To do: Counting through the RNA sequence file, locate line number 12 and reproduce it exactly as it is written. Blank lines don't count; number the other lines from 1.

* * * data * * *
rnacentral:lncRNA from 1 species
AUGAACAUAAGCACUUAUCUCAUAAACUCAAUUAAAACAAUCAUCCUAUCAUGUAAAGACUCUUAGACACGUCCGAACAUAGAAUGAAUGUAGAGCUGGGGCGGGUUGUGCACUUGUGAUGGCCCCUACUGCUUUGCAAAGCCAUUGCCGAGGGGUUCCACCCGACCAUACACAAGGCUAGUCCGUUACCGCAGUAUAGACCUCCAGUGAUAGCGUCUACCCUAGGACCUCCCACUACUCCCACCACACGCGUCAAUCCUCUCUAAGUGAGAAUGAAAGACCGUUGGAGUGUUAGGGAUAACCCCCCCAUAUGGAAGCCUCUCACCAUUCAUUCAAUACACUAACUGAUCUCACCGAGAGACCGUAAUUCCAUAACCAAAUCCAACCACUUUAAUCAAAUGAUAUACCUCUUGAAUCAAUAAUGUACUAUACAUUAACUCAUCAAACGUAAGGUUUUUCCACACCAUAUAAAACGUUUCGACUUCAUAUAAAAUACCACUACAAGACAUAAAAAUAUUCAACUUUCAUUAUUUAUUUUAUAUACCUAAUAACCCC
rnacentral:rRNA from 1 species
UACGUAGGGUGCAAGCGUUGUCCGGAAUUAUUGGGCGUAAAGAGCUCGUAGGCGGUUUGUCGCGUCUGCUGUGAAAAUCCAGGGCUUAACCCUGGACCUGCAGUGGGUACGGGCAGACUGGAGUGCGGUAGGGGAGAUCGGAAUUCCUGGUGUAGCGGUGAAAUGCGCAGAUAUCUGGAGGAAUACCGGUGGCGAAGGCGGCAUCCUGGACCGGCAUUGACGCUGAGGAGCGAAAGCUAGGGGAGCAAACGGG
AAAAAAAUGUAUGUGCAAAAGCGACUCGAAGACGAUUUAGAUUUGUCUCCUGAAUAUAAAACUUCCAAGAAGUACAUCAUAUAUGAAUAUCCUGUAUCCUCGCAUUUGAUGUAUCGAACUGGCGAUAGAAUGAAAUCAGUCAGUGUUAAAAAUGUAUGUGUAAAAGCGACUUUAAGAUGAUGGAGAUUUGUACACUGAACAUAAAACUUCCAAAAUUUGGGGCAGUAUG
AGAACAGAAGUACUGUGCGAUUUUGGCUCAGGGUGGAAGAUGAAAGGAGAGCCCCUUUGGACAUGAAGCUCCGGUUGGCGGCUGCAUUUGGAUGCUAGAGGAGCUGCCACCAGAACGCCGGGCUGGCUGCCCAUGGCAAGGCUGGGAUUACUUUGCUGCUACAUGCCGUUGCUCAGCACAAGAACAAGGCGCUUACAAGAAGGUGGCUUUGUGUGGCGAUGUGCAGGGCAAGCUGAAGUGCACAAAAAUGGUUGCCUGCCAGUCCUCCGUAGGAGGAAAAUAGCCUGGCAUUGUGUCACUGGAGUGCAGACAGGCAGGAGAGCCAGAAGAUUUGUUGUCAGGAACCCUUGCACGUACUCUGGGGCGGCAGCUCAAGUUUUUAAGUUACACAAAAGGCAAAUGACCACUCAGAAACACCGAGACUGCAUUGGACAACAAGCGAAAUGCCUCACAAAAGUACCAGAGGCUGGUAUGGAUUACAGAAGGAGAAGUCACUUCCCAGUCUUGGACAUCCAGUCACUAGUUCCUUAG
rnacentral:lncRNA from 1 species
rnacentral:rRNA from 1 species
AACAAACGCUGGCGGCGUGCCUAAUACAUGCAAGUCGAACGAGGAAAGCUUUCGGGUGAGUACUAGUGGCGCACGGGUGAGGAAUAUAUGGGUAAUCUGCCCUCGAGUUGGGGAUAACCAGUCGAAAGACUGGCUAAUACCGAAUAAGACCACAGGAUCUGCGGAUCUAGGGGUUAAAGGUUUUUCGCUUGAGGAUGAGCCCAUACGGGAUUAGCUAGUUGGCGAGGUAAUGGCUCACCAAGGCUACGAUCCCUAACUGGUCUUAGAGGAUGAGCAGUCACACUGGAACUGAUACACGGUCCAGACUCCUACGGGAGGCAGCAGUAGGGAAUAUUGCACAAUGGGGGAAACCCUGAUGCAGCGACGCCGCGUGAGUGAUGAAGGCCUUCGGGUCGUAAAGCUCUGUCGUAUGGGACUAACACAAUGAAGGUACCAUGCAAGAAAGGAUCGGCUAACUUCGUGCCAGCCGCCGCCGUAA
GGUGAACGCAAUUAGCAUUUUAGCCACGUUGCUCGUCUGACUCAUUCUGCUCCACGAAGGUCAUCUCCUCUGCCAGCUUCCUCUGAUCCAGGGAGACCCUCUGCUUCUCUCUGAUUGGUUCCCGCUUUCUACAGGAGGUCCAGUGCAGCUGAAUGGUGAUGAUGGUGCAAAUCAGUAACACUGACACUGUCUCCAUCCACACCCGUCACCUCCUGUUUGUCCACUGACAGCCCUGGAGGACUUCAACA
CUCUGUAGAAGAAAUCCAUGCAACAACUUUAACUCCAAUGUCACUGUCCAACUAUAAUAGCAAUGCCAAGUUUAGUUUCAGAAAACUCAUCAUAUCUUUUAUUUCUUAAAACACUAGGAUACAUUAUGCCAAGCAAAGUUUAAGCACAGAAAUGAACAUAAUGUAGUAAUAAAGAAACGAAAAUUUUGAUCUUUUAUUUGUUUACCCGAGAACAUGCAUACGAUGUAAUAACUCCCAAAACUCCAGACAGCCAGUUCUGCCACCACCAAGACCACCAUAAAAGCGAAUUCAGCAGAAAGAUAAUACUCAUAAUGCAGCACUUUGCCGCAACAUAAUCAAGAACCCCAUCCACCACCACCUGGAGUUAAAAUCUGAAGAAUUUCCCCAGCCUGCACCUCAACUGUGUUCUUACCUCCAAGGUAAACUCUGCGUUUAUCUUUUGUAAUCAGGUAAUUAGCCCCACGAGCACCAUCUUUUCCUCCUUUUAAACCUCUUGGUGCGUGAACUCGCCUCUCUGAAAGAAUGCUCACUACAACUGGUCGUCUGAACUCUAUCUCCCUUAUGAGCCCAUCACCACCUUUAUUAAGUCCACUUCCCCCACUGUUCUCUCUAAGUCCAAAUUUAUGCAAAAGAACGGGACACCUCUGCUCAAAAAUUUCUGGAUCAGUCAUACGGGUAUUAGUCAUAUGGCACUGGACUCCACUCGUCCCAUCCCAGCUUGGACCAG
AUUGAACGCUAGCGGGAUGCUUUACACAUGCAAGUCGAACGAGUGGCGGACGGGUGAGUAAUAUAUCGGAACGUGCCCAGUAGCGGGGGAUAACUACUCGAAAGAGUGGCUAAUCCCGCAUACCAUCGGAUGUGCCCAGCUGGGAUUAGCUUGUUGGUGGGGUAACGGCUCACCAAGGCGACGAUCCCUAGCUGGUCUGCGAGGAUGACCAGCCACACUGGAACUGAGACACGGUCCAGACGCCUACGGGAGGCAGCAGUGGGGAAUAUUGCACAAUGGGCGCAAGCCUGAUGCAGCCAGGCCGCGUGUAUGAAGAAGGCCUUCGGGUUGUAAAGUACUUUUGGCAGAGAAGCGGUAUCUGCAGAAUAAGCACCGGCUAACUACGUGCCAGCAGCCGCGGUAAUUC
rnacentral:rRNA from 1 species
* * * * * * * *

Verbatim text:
AUUGAACGCUAGCGGGAUGCUUUACACAUGCAAGUCGAACGAGUGGCGGACGGGUGAGUAAUAUAUCGGAACGUGCCCAGUAGCGGGGGAUAACUACUCGAAAGAGUGGCUAAUCCCGCAUACCAUCGGAUGUGCCCAGCUGGGAUUAGCUUGUUGGUGGGGUAACGGCUCACCAAGGCGACGAUCCCUAGCUGGUCUGCGAGGAUGACCAGCCACACUGGAACUGAGACACGGUCCAGACGCCUACGGGAGGCAGCAGUGGGGAAUAUUGCACAAUGGGCGCAAGCCUGAUGCAGCCAGGCCGCGUGUAUGAAGAAGGCCUUCGGGUUGUAAAGUACUUUUGGCAGAGAAGCGGUAUCUGCAGAAUAAGCACCGGCUAACUACGUGCCAGCAGCCGCGGUAAUUC